Five years ago, Florida lawmakers took decisive action to help curb the altogether staggering number of fatalities attributable to prescription drug abuse. Specifically, they passed legislation targeting the ability of so-called “pill mills” to dispense highly addictive pain medications like oxycodone onsite.
This decisive action was followed up with even more decisive action in the form of a statewide crackdown by law enforcement officials that resulted in a slew of arrests and prosecutions of those parties and/or entities that continued to operate in violation of the new law.
While many lauded the Sunshine State’s crackdown on these pill mills, still others argued that its impact on drug-related fatalities would be negligible, as it would only serve to increase the deadly demand for heroin, which is actually both cheaper and easier to secure on the street than prescription opiates.
Interestingly enough, however, a recently released study by researchers at Johns Hopkins University determined that Florida’s pill mill crackdown actually had a demonstrable effect when it came to reducing both the number of opioid-related fatalities and heroin-related fatalities.
The study, published in the American Journal of Public Health, found the following when comparing the drug fatality rates between Florida and North Carolina, which had no pill mill legislation on the books:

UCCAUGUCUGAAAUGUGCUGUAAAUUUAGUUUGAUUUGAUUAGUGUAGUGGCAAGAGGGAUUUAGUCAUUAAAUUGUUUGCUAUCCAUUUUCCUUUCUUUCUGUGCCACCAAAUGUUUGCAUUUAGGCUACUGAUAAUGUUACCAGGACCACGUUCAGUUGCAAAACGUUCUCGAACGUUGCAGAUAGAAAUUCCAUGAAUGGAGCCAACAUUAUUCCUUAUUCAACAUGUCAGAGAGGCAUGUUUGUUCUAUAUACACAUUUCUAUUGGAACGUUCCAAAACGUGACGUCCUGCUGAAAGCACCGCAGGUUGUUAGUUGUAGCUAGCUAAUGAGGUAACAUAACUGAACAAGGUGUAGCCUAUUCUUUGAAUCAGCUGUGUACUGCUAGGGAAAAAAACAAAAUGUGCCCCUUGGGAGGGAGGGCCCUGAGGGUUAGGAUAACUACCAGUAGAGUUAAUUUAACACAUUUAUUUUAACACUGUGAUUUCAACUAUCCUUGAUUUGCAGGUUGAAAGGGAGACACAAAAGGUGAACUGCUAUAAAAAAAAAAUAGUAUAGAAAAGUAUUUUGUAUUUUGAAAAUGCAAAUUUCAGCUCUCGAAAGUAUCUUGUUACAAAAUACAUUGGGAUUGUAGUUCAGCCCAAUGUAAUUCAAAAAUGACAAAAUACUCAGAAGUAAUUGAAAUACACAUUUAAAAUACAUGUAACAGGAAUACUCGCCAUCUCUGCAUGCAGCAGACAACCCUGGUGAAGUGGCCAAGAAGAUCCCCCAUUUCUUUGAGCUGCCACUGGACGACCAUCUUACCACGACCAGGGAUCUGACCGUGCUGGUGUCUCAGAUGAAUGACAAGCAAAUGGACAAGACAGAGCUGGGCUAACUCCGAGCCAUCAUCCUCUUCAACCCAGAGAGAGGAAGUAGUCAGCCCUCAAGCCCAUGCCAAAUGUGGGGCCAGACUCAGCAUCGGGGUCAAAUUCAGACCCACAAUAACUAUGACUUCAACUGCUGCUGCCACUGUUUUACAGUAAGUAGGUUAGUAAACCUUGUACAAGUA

- In 2011, the number of heroin-related fatalities in Florida rose by 8 percent per month versus 18 percent per month in North Carolina.
- In 2012, the number of heroin-related fatalities in Florida rose by 6 percent per month versus 10 percent per month in North Carolina.
While the number of heroin-related fatalities ultimately ticked back up in Florida – perhaps because of the growing trend of mixing the drug with the potent painkiller fentanyl — researchers indicated that it was nevertheless significant that at least some benefit, however temporary, was derived from the pill mill crackdown.
“What I think made us feel more confident in what we were seeing … is that we saw some initial substitution to heroin, but then in a more delayed way … we then see the protective effect,” said one researcher.
It is truly encouraging to see that the state’s efforts helped save lives. Here’s hoping that future legislative efforts produce the same results, but are perhaps more focused on getting people the treatment they need than on making arrests.
If you’ve been arrested for any sort of drug-related offense, please consider speaking with an experienced legal professional as soon as possible to ensure the protection of your rights and your freedom.